At a recent marketing meeting, a Red Bull employee showed a world map cartoon making fun of the stereotypical US-centric (and sometimes ignorant about the importance of other nations) world view.Not my type of humour, but also not a message of racism.
In response, the joke was leaked in an attempt to punish the not-woke-enough corporate culture. This happened after an attempt to force the brand’s CSR strategy in regards to the Black Lives Matter movement by circulating an online petition amongst Red Bull employees.
As a result, three high-level executives got fired — loudly accompanied by damaging media insinuations of Red Bull being a racist brand. Not great from a PR perspective, but anyone who understands business also understands that you can’t have high-level executives going behind the organisation’s back for personal reasons.
Make no mistake about it: Spreading misrepresentations and lobbying against an employer’s business strategy are reasonable grounds for termination — and should not be confused with whistleblowing. From Wikipedia:
“A whistleblower (also written as whistle-blower or whistle blower) is a person who exposes secretive information or activity within a private or public organization that is deemed illegal, unethical, or not correct. The information of alleged wrongdoing can be classified in many ways: violation of company policy/rules, law, regulation, or threat to public interest/national security, as well as fraud, and corruption.”
Note that misrepresenting the intention of a joke or driving a personal activist agenda doesn’t fall under this definition. Red Bull should be in the clear for firing executives as they were acting in bad faith against the company.
So, what’s the problem?
There’s an entitled belief held by what seems to be a growing number of people in the communications industry that the PR function should be serving as the organisation’s guilty conscience. It stems from the idea that capitalism is evil and that PR (via CSR) should balance this inherent malice. This is a political perspective, not a professional one.
Social activism can be a powerful PR tool when used wisely, but the business must always come first.
The PR function has one single purpose and that is to serve a strategic objective. In business, that objective is to generate profit. Such commerce generates tax incomes for the state, jobs for its citizens, and societal progress through innovation. This is how PR generates value, also.
Red Bull, for instance, has a long history of supporting extreme sports and many of these types of activities have Red Bull to thank for developing into professional elites in their own right — and even Olympic sports in some cases. Supporting the extreme sports community has been a strategically valuable and focused approach for the brand.
For CSR activities to be serving business objectives, any such activities must be a) strategic and b) focused.
Applying a clear and strategically limited focus on communication isn’t evil. And it surely doesn’t imply bigotry or aggression in specific cases where the brand isn’t placing its business focus; to even suggest such a thing is intellectually dishonest at best.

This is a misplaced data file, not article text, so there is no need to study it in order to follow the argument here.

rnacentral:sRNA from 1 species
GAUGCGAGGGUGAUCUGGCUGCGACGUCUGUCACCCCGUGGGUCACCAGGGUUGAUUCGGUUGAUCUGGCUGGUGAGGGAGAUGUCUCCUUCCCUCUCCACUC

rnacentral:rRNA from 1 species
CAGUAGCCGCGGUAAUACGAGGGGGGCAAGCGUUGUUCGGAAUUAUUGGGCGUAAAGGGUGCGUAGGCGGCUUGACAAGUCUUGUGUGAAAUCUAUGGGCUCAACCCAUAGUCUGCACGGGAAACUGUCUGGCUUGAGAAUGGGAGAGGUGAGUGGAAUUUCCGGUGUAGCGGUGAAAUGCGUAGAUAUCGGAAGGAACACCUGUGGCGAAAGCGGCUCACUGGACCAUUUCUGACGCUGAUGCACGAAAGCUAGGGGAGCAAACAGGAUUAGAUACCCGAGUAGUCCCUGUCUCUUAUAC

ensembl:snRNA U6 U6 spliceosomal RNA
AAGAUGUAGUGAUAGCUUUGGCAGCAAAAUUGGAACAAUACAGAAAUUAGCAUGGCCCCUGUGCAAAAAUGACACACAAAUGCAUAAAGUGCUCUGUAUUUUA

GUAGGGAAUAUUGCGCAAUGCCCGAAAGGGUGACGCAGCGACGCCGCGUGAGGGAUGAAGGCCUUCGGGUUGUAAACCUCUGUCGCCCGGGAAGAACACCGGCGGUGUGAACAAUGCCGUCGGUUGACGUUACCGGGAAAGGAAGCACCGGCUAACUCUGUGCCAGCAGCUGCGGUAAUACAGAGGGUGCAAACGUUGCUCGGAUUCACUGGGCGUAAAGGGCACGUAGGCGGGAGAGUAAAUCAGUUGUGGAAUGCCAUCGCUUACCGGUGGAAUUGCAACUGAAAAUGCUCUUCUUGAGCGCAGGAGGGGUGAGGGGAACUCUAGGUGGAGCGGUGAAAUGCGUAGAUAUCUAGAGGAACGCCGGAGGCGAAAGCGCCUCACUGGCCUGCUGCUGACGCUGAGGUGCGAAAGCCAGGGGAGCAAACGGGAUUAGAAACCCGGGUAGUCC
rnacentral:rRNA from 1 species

A PR person who suggests that brands are somehow morally responsible to side with the woke middle-class has seriously misunderstood the purpose of the PR function — and of business in general. As a champion for focused and strategically limited communication, it’s the job of a PR professional to help the brand to stand up for itself.
The answer is business integrity, the polar opposite of giving in to anyone who wants to control your business.
A brand with integrity isn’t ashamed of being in business. It isn’t ashamed of providing great products and services at great prices. It isn’t ashamed of providing tax income for the state and producing jobs for people. It isn’t ashamed of driving society forward through innovation, financial risk-taking, and hard work1.
In the case of Red Bull, the brand is making focused CSR contributions to the extreme sports movement. They’re not a cautionary tale, they’re a best practice case study.
Few things in business make me sicker to the stomach than when communicators are shaming innovators, entrepreneurs, and financial risk-takers for not being woke enough.
As PR professionals, we know that the news media sometimes can turn into an unreasonable machine set to destroy businesses and individuals without a fair trial. We see it as our job to prepare and protect our brands from such lynch mobs. Today, there is a whole new set of lynch mobs to account for: They coordinate themselves using secret social media groups to drive deplatforming and cancel culture. They use deliberate misinterpretation, calls for boycott, brandcalling, card-stacking, cherry-picking, and guilt-by-silence to coerce brands into submission.
This development is rapidly becoming more challenging to PR than the struggle of adapting to a digital society. If commercial communications departments accept the woke anti-capitalistic narrative without question, our profession becomes a cancerous and destructive anti-capitalistic force from within. Piggybacking on political movements like Black Lives Matter is fine — if it makes business sense, that is2.
A truly diverse organisation allows for employees of different political persuasions to work side-by-side towards a common business goal. Providing stable employment and salaries through innovation, collaboration, and hard work will always be the best catalyst for civil society to engage in social causes in their spare time — the way it ought to be.
And while some businesses are out of touch with their communities, Red Bull surely doesn’t fall under that category.
About the Author
This article was written by Jerry Silfwer, an awarded senior adviser specialising in public relations and digital strategy. Based in Stockholm, Sweden, you can read more of his work at DoctorSpin.